Do apprenticeships create social impact? #NAW2023
It’s National Apprenticeship Week.
We’re often asked by clients whether they should report on apprenticeships programmes as part of their corporate social responsibility or social impact measures.
And the answer is yes and no.
What is the point of apprenticeships?
Apprenticeships are an inherently good thing.
A structured, and quality-assured way to combine ordinary work, with supported on-the-job training and off-the-job training provided by vocational training specialists.
There are apprenticeship standards in almost every sector, ranging from level 2 (equivalent difficulty to GSCE) through to post-graduate equivalent higher apprenticeships at levels 7 and 8.
The best thing about apprenticeships, when they work, is the triangular collaboration between worker/learner, employer and training provider (which could be an FE college, independent training company, a training arm of the employer itself or a university).
They have a dual purpose of promoting useful learning, against industry standards, with external verification to people starting out in a new career or vocational area – and of often enabling social mobility and opportunities for people to progress and unlock potential without having to pay for a traditional university degree.
Are you ‘giving back’, if you take on apprentices?
Maybe. But this shouldn’t be your primary motivation.
If you have a whole apprenticeship programme, or just take one or two, then it should be because it is in your growth, recruitment and staff development plans.
It is an enhanced way to provide simultaneous work and training, that complements your other team development strategies.
It is not charitable.
Now, as with any other part of your business, you could use your apprenticeship programme to create some social value.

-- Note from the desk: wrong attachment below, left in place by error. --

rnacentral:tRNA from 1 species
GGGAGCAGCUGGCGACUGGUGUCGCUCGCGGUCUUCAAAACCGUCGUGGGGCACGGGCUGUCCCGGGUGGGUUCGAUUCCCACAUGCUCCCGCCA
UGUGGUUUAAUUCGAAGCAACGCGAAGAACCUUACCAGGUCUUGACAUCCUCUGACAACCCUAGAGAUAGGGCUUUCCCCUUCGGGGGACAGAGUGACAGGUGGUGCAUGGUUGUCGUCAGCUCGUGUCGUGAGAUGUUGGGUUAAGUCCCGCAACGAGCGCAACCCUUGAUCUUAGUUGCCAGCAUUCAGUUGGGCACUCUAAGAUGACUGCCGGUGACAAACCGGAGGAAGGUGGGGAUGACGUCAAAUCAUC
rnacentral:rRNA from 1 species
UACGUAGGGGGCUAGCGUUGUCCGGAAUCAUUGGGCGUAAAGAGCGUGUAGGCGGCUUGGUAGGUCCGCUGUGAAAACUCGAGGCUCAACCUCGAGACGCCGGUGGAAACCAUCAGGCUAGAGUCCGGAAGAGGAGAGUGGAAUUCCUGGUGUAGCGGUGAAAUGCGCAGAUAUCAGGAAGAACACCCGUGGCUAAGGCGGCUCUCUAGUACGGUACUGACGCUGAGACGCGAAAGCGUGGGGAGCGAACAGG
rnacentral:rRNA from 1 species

You could provide a supported apprenticeship programme, in which you are actively looking to provide meaningful employment to an adult with special educational needs or learning difficulties.
You could decide that you will actively recruit apprentices who are traditionally under-represented in your sector, and create partnerships with local schools and colleges to be clear how you are building an inclusive recruitment programme in order to get the most diverse workforce possible.
I dream of world when this is the norm, not added value or social impact. But, right now, this would involve putting in extra time and resources in order to level the playing field. And that is something your team could feel motivated about.
Is there such as thing as #apprenticewashing…?
Um, no. That sounds like a safeguarding issue.
But the apprenticeship levy for larger businesses, and the constant reform to funding rules, does mean that pretty-much any working adult can be registered onto an apprenticeship programme as long as it is introducing a new skillset.
So you decide. Are these two scenarios equivalent?
- Creating a programme of meaningful entry-level jobs, with aspiration and depth of training at the centre, focused on promoting social mobility create
- Putting an executive team, who are already graduates, onto new degree apprenticeships in digital marketing using a levy to fund it that can’t be spent on anything else.
I support training and life-long learning whenever and wherever it happens. But the question of how much social value it creates is a question that businesses have to ask themselves.
Social value scoring
If you are tendering to provide services to the public sector, chances are you will have to demonstrate your planned social value in a quantifiable way. Any social value generated by the contract you want to win, must be above and beyond anything delivered by the contract (eg. you can’t claim things that need to happen as part of the contract anyway, and would be paid for through the agreed fee).
Taking on apprentices is nearly always an agreed method of generating social value, as defined by frameworks such as TOMS and the Social Value Charter.
So if you are planning to take on apprentices in the near future, and you are planning to bid for some public sector contracts – then these may be advantageous to each other. Look carefully at the financial value that the framework offers you. On one contract I was helping a client with, the social value value for taking on an apprentice was £2,500, whereas for employing someone who had been long-term unemployed would have been worth £15,000 (with no obligation to release them for training sessions). It doesn’t always make complete sense.